Sunday, January 13, 2013

The Capture Of Brockville

By : Dennis Stein

  On a cold February night in 1813, three groups of American soldiers crossed the frigid ice covering the St.Lawrence. The first group flanked the city's east side, the second group the west side, while the main column occupied Court House Square. At the time, Ontario's oldest incorporated city was called Elizabethtown, and at some time after 9 o'clock in the evening, some 200 men, including soldiers and citizen volunteers, decended on Brockville. The main portion of the force, led by the American commander at Ogdensburg, Captain Forsyth, went immediately to the jail, demanding the keys. These were surrendered, and the American invaders took back American prisoners, which as it was rumored, were not being treated well in their captivity. They also took several prominent citizens of Brockville as prisoners, along with 120 muskets, 20 rifles, 2 casks of ammunition, and various other provisions. All of this, including the prisoners were taken back to Ogdensburg, including Major Carley, three captains and two lieutenants. When the American force arrived back across the ice in Morristown, where they had staged the 'invasion' from, they paroled one of the prisoners, Dr. Hubbell. All of the prisoners were later set free.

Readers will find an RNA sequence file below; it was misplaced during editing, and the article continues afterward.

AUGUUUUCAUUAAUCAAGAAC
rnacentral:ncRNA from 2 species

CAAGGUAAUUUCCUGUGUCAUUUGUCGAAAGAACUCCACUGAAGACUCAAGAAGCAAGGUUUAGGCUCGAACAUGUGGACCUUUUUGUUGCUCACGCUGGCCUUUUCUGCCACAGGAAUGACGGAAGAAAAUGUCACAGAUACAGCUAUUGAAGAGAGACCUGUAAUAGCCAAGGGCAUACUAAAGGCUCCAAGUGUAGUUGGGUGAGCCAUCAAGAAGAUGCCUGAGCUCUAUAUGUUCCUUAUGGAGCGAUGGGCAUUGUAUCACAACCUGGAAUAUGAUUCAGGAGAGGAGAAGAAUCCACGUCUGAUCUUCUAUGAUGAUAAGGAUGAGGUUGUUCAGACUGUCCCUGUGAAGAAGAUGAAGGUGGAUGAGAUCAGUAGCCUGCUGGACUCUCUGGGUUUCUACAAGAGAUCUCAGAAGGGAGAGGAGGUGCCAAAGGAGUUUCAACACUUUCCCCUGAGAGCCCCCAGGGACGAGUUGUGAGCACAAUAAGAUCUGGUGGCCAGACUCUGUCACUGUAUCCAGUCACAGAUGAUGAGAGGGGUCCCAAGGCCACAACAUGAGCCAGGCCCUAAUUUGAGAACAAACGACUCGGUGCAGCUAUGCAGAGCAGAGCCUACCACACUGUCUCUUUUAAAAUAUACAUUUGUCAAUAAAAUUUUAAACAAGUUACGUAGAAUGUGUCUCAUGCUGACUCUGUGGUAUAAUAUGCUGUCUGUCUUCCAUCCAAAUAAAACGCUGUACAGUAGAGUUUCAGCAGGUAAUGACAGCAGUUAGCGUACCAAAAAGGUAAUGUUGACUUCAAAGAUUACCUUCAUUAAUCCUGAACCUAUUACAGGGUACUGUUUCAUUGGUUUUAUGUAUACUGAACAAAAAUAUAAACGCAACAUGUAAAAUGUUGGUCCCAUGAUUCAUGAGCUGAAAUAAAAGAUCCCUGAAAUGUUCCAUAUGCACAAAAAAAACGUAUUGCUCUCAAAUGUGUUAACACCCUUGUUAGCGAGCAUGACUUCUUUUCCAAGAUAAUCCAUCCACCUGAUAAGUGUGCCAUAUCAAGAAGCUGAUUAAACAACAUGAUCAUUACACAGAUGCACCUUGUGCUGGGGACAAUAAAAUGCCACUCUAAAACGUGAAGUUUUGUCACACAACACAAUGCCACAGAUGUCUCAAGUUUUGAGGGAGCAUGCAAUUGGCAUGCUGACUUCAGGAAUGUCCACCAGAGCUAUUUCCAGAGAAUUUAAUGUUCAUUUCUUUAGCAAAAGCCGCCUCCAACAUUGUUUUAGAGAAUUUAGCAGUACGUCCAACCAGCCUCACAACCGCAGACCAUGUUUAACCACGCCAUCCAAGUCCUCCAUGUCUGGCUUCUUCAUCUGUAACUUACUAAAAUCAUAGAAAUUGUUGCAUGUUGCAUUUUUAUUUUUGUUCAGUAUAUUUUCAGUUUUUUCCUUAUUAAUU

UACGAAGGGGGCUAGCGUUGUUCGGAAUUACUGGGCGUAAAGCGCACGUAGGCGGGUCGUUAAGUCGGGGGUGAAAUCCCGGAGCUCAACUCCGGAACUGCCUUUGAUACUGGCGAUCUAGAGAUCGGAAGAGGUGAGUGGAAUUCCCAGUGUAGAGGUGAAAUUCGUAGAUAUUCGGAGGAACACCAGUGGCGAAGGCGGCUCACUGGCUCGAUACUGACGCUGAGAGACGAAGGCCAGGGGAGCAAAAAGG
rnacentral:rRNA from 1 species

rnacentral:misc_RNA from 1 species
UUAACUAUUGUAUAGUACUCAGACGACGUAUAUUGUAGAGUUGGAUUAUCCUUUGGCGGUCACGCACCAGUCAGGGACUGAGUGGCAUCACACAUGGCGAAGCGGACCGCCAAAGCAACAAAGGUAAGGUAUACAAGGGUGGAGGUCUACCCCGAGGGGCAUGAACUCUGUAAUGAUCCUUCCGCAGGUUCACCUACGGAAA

The Americans justified the incursion into Elizebethtown with the excuse that the Canadian soldiers had been crossing the river repeatedly in the area of Morristown, apprehending deserters. This would not please the British forces arriving near Prescott, and two weeks later, the Canadians retaliated. Lieutenant-Colonel McDonnell marched two columns of men out onto the ice of the river in front of Ogdensburg, in an effort to show the strength of the forces in Canada. One of the columns marched straight into the village, to almost no resistance. Two men were dispatched by McDonnell to the American headquarters, with a demand for surrender. Captain Forsyth refused of course, and a battle ensued. The Americans were driven back, after 5 killed and eighteen wounded, retreating to Black Lake. Fifty-two prisoners and considerable stores and weapons were seized by the British that day, and before leaving back to Canada, the forces burned the barracks, and attempted to destroy the bridge...
  It was a brief engagement exactly 200 years ago that would only lead to greater and greater conflicts in the War of 1812.

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